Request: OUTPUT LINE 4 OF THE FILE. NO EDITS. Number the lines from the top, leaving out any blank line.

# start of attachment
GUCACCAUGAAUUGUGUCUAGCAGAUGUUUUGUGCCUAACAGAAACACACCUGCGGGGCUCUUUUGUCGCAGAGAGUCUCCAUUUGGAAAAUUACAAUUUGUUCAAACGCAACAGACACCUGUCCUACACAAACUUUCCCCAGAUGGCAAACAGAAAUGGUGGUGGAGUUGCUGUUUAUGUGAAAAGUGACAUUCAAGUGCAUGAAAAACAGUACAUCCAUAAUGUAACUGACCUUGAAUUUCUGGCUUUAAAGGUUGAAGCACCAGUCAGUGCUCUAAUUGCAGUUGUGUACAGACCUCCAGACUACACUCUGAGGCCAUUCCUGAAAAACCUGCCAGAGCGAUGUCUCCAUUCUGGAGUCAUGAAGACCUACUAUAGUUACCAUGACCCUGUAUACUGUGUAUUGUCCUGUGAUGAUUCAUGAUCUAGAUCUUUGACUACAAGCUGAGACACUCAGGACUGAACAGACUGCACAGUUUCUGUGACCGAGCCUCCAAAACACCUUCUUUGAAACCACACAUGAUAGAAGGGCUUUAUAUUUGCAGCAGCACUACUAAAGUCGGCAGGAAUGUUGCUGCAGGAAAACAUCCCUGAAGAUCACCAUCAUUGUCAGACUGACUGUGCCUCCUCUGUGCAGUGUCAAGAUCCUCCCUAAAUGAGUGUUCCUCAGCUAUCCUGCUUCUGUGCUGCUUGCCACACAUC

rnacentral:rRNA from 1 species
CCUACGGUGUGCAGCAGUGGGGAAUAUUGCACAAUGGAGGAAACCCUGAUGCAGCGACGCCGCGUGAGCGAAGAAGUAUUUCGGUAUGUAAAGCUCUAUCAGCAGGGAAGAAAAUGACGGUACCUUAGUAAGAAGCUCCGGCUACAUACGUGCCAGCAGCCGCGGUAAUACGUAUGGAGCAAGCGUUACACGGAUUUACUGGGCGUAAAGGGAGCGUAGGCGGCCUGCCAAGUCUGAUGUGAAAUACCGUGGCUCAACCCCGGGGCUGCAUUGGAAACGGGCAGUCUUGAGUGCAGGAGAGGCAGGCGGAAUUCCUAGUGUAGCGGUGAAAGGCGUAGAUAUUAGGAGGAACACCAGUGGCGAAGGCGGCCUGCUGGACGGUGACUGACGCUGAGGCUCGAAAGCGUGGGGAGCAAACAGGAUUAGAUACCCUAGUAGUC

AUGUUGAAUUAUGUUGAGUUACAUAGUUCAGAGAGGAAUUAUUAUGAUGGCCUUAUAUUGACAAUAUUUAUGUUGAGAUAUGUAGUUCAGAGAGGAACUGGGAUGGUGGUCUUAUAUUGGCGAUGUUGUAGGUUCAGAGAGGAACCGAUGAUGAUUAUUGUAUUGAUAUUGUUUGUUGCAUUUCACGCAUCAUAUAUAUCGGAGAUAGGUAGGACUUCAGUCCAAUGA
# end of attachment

AUGUUGAAUUAUGUUGAGUUACAUAGUUCAGAGAGGAAUUAUUAUGAUGGCCUUAUAUUGACAAUAUUUAUGUUGAGAUAUGUAGUUCAGAGAGGAACUGGGAUGGUGGUCUUAUAUUGGCGAUGUUGUAGGUUCAGAGAGGAACCGAUGAUGAUUAUUGUAUUGAUAUUGUUUGUUGCAUUUCACGCAUCAUAUAUAUCGGAGAUAGGUAGGACUUCAGUCCAAUGA